March 2012
Volume 53, Issue 14
Free
ARVO Annual Meeting Abstract  |   March 2012
The Synaptic Receptive-Field Organization Of Parasol Ganglion Cells Of The Primate Retina
Author Affiliations & Notes
  • Michael B. Manookin
    Ophthalmology,
    University of Washington, Seattle, Washington
  • Christian Puller
    Ophthalmology,
    University of Washington, Seattle, Washington
  • Greg W. Schwartz
    Physiology and Biophysics,
    University of Washington, Seattle, Washington
  • Mark Cafaro
    Physiology and Biophysics,
    University of Washington, Seattle, Washington
  • Fred M. Rieke
    Physiology and Biophysics,
    University of Washington, Seattle, Washington
  • Jay Neitz
    Ophthalmology,
    University of Washington, Seattle, Washington
  • Maureen Neitz
    Ophthalmology,
    University of Washington, Seattle, Washington
  • Footnotes
    Commercial Relationships  Michael B. Manookin, None; Christian Puller, None; Greg W. Schwartz, None; Mark Cafaro, None; Fred M. Rieke, None; Jay Neitz, None; Maureen Neitz, None
  • Footnotes
    Support  Research to Prevent Blindness, Helen Hay Whitney Foundation, NIH Grants P30EY01730, EY090303, RR000166
Investigative Ophthalmology & Visual Science March 2012, Vol.53, 1948. doi:
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      Michael B. Manookin, Christian Puller, Greg W. Schwartz, Mark Cafaro, Fred M. Rieke, Jay Neitz, Maureen Neitz; The Synaptic Receptive-Field Organization Of Parasol Ganglion Cells Of The Primate Retina. Invest. Ophthalmol. Vis. Sci. 2012;53(14):1948.

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      © ARVO (1962-2015); The Authors (2016-present)

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Abstract

Purpose: : Parasol ganglion cells of the primate retina provide the major input to magnocellular LGN. The receptive field structure of these cells has been well studied at the level of spike output (Chichilnisky and Kalmar, J Neurosci 2002 22:2737-2747), but a detailed understanding of the spatial organization of excitatory and inhibitory input to parasol cells is lacking. Here, we directly measure the organization of the parasol cell receptive fields at the level of spike output and excitatory and inhibitory synaptic input.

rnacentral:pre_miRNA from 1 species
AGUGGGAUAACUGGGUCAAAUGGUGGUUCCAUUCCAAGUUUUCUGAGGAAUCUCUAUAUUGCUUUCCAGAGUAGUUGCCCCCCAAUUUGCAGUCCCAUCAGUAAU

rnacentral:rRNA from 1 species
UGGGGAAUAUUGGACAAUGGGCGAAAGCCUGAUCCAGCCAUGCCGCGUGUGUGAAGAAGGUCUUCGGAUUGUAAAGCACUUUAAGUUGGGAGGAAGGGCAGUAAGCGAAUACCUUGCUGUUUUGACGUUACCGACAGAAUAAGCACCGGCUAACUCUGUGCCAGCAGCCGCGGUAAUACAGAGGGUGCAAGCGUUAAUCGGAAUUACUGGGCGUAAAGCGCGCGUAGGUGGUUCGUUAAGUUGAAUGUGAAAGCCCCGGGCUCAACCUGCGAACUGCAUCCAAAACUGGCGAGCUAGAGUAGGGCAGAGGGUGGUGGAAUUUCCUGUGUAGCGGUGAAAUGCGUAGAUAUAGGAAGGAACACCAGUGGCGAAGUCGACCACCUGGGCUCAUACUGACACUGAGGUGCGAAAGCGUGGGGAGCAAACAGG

Methods: : We used a combination of spatially correlated and uncorrelated noise to map the receptive field structure of parasol ganglion cells in an in vitro, whole-mount preparation of the macaque monkey retina. Paired electrophysiological recordings were performed in neighboring parasol cells. Spatially correlated noise was generated based on natural scene statistics (Field, Neural Computation 1994 6:559-601). Uncorrelated noise was presented using a lattice of squares between 36 and 480 µm2 updating randomly over time. The spatio-temporal filter for a cell was computed (Chichilnisky, Network 2001 12:199-213) from both correlated and uncorrelated noise stimuli and the receptive-field structure was calculated using a parametric model (Chichilnisky and Kalmar, J Neurosci 2002 22:2737-2747; Field et al., J Neurosci 2007 27:13261-13272). The computed receptive-field structure was then correlated with the cell’s dendritic morphology.

Results: : Combining spatially correlated and uncorrelated white noise allowed for a relatively fast, high-resolution mapping of parasol receptive fields. Further analysis revealed that using larger spatial correlations, either with statistical correlations or larger squares, was important for revealing a ganglion cell’s receptive field surround.

Conclusions: : These results suggest that the center-surround structure of ganglion cell receptive fields is optimally revealed using a combination of small and large spatial correlations. The increased speed of this technique makes it possible to measure the excitatory and inhibitory components of the receptive field in whole-cell, voltage-clamp configuration.

Keywords: receptive fields • ganglion cells • computational modeling 
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